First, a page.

State-Based Health Insurance Exchanges (SBEs) play a crucial role in facilitating access to affordable health insurance coverage for individuals and families across the United States. These exchanges, established under the Affordable Care Act (ACA) enable states to offer a marketplace for health insurance plans, ensuring that people can compare different options and find affordable coverage that meets their needs. SBEs are required to be self-sufficient, meaning they must generate the funds necessary to operate and maintain their programs without relying on federal funding. This financial autonomy allows states to tailor their exchange operations to their specific populations and needs.  

So how does an exchange stay operational? By collecting assessment fees on health insurance carriers participating in their marketplaces. These fees can vary significantly from state to state, and following, we will explore the reasons behind these variations. 

Factors Influencing Assessment Fees 

  • Programmatic Responsibilities and Enrollments: Each state-based exchange has unique programmatic responsibilities and levels of enrollment. These responsibilities may include outreach and education efforts, customer support, plan certification, and other administrative tasks. States with larger enrollments and more extensive programmatic responsibilities may require higher assessment fees to cover their operational costs effectively. Conversely, states with smaller enrollments and fewer responsibilities might be able to sustain their operations with lower fees.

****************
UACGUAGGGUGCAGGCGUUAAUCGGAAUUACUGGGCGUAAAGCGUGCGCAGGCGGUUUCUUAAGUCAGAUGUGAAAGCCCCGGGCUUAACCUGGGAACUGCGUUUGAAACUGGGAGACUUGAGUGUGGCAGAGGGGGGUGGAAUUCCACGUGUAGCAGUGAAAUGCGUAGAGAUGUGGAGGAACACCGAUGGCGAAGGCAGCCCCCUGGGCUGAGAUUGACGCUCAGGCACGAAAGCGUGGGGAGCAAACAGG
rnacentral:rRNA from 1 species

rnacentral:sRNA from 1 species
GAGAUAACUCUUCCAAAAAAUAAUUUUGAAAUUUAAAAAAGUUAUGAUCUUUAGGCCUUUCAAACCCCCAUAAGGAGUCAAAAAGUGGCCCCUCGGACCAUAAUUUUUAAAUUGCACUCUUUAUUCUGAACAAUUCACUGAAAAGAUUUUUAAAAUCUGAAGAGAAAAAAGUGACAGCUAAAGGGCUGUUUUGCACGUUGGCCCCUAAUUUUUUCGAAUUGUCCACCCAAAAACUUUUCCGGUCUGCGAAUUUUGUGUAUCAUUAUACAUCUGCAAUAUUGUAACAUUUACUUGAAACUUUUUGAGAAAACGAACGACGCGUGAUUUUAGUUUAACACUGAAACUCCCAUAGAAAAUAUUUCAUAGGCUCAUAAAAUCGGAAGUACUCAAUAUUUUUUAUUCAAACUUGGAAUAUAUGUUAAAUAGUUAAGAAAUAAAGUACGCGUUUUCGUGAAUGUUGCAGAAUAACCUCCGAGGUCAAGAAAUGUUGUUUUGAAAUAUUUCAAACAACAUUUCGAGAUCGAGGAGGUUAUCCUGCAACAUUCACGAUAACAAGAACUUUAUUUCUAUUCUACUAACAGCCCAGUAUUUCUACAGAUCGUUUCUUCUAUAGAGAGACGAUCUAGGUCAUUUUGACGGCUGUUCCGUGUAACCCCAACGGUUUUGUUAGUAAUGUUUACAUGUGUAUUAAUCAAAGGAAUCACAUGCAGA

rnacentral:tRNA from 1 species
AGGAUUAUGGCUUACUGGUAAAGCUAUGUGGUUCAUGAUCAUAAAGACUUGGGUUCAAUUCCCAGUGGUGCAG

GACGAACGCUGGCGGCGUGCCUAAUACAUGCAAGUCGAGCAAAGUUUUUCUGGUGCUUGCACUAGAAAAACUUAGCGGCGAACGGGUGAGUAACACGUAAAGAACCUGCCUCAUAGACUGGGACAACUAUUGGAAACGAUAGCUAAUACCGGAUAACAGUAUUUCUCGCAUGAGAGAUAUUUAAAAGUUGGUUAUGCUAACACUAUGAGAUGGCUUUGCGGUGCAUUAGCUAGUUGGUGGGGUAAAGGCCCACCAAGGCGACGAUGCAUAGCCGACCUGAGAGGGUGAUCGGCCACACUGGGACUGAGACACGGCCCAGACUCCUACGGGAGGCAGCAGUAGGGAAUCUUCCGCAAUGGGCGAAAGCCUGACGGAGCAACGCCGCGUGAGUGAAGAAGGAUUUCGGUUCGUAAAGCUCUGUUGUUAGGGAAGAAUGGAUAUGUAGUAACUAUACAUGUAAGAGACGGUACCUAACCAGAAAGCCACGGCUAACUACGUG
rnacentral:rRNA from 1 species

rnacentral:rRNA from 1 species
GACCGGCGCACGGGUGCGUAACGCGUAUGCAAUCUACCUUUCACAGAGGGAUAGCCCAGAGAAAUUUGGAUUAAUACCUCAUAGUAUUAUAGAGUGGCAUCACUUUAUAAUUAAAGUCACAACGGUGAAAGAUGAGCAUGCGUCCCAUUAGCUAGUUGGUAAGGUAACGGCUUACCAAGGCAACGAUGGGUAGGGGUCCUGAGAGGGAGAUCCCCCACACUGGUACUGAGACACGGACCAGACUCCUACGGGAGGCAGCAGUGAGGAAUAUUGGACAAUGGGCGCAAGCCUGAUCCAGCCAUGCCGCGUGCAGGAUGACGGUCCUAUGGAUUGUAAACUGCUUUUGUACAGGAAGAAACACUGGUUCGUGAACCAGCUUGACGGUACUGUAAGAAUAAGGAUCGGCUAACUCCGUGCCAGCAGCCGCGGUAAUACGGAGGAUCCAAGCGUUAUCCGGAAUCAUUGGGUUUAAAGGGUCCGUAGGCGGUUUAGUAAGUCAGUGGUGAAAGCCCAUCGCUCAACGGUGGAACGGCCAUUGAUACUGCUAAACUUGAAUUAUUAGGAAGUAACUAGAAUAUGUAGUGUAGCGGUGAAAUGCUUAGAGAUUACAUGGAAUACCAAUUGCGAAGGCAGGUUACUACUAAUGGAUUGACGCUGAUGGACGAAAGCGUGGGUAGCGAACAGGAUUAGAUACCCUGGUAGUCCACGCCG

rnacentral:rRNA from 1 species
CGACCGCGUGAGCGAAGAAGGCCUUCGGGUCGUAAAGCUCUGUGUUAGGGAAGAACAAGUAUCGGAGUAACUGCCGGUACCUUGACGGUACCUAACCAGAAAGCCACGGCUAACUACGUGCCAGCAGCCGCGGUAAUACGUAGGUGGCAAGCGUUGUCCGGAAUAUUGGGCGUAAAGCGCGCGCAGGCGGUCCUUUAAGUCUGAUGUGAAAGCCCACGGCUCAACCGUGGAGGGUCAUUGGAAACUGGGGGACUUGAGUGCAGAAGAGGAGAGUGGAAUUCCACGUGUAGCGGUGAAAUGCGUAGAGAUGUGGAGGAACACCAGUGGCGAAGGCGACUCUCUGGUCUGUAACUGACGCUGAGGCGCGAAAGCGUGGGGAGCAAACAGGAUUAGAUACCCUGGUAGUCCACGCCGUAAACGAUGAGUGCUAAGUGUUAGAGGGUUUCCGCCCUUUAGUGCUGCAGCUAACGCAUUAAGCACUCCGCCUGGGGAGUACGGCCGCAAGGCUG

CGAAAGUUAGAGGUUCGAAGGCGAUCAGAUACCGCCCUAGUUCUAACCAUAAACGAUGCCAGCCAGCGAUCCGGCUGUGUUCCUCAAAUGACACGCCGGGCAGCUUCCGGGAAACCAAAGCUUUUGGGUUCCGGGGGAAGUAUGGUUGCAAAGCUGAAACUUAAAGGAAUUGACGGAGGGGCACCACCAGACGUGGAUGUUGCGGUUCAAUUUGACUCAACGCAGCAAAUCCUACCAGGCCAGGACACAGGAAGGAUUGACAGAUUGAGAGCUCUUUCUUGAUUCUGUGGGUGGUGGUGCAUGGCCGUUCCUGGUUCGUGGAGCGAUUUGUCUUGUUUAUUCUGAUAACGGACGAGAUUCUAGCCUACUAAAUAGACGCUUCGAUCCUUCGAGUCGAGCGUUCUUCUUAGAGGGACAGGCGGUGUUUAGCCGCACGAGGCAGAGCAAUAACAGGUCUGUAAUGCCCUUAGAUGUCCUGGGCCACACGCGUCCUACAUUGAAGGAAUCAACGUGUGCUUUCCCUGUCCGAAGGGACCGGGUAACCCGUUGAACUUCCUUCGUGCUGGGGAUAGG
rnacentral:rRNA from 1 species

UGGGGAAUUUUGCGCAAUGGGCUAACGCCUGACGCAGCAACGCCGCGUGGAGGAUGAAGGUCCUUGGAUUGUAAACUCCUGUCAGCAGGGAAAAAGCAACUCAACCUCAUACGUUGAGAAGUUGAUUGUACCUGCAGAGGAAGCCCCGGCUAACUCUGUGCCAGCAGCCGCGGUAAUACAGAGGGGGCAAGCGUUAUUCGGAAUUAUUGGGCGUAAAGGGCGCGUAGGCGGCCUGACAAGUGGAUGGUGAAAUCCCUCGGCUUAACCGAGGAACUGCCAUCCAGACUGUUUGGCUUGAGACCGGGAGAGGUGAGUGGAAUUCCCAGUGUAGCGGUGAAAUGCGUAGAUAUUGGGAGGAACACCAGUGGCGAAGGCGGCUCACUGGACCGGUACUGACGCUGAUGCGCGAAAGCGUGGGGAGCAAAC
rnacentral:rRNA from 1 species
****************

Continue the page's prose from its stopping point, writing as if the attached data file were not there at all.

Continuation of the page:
• Funding Model Variation: There are several models that states use to determine assessment fees, which contributes to the variation observed. Some states collect a broad-based assessment on all health plans sold within the state, regardless of whether they are offered on the exchange. Others utilize a Per Member Per Month (PMPM) fee, charging a fee for each enrolled member. However, the most common approach involves assessing a flat percentage of gross premiums earned for health plans that are sold on the exchange. 
  • Different Duties and Programs: Another significant factor contributing to the variation in assessment fees is the diversity of duties and programs that each state exchange is responsible for. Some states may have additional programs or initiatives aimed at improving health care access or addressing specific health concerns. The costs associated with these additional responsibilities can impact the assessment fees that carriers are required to pay. 
  • Federally Facilitated Exchange (FFE) Integration: States that opt for a State-Based Exchange using the federal platform (SBE-FP) also experience variation in assessment fees. These variations stem from the amount that CMS charges to use the federal platform and call center along with the programmatic responsibilities within each state. 

The assessment fees collected by SBEs can differ significantly, which is a reflection of the diverse landscapes of healthcare access and management across the United States.